OPINION: Not a public safety issue: CTA lies at crossroads of housing, mental health crisis

One of the first pieces of advice I was told about living in Chicago was how to survive the CTA. Other students would offer their insight about which stations were safe, when to ride and which areas to avoid.

Most of this stemmed from concerns about public safety within train cars and stations. Horror stories about being stabbed, stalked and assaulted used to frighten me. It made me weary of riding the Red Line at night and being at the Jackson stop, the Red Line stop to get to the Loop campus. 

Two years later, I found that those concerns stemmed from a different concern altogether. I noticed how the presence of people experiencing homelessness and issues due to mental health sparked discourse about public safety on the CTA. Reflecting back on the advice I received, I remembered hearing that if someone was talking to themselves or taking up three seats to sleep were supposed to be warning signs for potential danger. 

Katie Prout, a staff writer at The Chicago Reader, saw the same sentiments in news media associating violent crime with unhoused people.

“Doing a story that’s about CTA public safety, and then in the second paragraph after citing, violence statistics, talking about the presence of unhoused people has also increased,” she said. “Without saying [it] directly, it’s saying it.” 

I subconsciously linked the two together. I believed that my safety and security were threatened if someone else showed signs of mental instability or homelessness within the same space. As much as the CTA claims they put the safety of passengers at the forefront, were they really to blame if those experiencing homelessness chose to seek shelter on the train?

No, the discussion about public safety on the CTA really should not be about safety at all. Our attention should be focused on the city’s lack of affordable and accessible housing resources that lead people with little to no options at the end of the day. 

If Chicago has about 3,000 shelter beds available, but caters a population of almost 4,000 people who are unhoused, some are left with nothing.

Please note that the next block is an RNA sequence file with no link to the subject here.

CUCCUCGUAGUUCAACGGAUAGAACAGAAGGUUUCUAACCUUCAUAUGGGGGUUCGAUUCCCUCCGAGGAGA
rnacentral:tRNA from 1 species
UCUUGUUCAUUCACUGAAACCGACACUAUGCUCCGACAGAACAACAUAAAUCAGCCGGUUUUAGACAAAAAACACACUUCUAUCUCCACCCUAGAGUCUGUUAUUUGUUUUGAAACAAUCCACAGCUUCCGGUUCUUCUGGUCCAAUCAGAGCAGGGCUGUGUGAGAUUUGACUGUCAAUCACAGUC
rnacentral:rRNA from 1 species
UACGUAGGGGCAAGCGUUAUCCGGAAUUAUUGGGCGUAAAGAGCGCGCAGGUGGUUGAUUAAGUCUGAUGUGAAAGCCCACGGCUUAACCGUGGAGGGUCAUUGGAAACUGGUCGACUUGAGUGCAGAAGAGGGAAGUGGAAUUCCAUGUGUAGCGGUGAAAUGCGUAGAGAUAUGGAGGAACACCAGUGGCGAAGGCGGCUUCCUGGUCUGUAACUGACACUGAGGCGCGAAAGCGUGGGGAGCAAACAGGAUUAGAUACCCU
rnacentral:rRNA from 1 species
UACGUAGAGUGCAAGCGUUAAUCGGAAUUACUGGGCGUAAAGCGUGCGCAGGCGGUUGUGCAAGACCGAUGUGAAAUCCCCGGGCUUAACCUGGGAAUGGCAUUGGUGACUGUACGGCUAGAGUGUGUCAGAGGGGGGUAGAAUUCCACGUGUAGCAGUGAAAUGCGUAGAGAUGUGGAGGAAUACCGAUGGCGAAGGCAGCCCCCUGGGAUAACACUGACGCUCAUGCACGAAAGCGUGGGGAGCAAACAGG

Our focus becomes shifted toward the individuals who have the least resources. On the platform at Fullerton, I witness my peers point and laugh at people talking to themselves like a spectacle.

“I think it’s easier for people to blame another, usually without power or less power than themselves, like a scapegoat,” Prout said.

I read Prout’s piece ‘‘Why you talking to a bum?” about speaking with people living on the CTA who detailed their experiences of being harassed and trying to seek shelter. She saw how the city’s failure to provide equitable resources left people with little to no options. 

Chicago currently has five public mental health facilities open. How are people supposed to find support in their area? 

On a WBEZ Reset segment, Don Washington – executive director of the Chicago Housing Initiative – described the increased presence of unhoused people on the CTA as a policy concern. 

“This is a public policy problem,” Washington said on Reset. “And we’ve been trying to depend on charity and private public partnerships and that’s not going to cut it.”

K’Von Jackson, a Chicago native and student at Columbia College Chicago, understands how the CTA becomes a last resort for unhoused people. 

“If it’s, you know, 20 below out, and you don’t have a tent, or sleeping bags to stay warm. What are you gonna do?” Jackson said. “You’re gonna sleep in a subway station or you’re gonna sit in a train car all night, right? Because it’s warm. It’s a guaranteed shelter.”

However, crime does occur on the CTA. In a city of almost 2.7 million people, public spaces can become a site of violence. It is important to address that on train cars people smoke, fight and yell. 

But that does not make crime committed by unhoused people a pattern.

“There are cases in which someone who is unhoused commits a violent crime against someone else that absolutely happens,” Prout said. “But one individual doesn’t speak for everyone and it doesn’t indicate a trend.”

In extreme circumstances, mental health crises can lead to violence. On the Brown Line, I witnessed someone start throwing glass bottles across the car. 

“I can recall stuff happening on the Red and Blue Line, people fighting, people like just up to no good,” Jackson said. “Just do your best to kind of move away from the situation. If it gets to a point where people are verbally or visually uncomfortable, then contact the CTA employee.”

Even in these circumstances, recommending more policing of the CTA would not solve the underlying issue that people lack access to public mental health clinics or access to affordable healthcare. 

“Cops are not going to build more homes,” Prout said. “The issue of people staying on the CTA is by and large that we don’t have other places in the city for people to go and we need a variety of housing options.”

Our language surrounding crime, unhoused people and those with mental health issues becomes dehumanizing. If we reduce someone to their housing status or the visibility of their mental illness, we take away their humanity and dignity. 

“It creates a really bad culture of how we treat people,” Jackson said. “Because at the end of the day, whether you have a roof over your head or not, you’re still a person. You should be treated as such.”

As we enter a new progressive mayoral administration, there is the promise of root causes finally becoming addressed. We should take this opportunity to reflect as Chicagoans how we examine our privileges and how we judge someone during the hardest moments in their lives.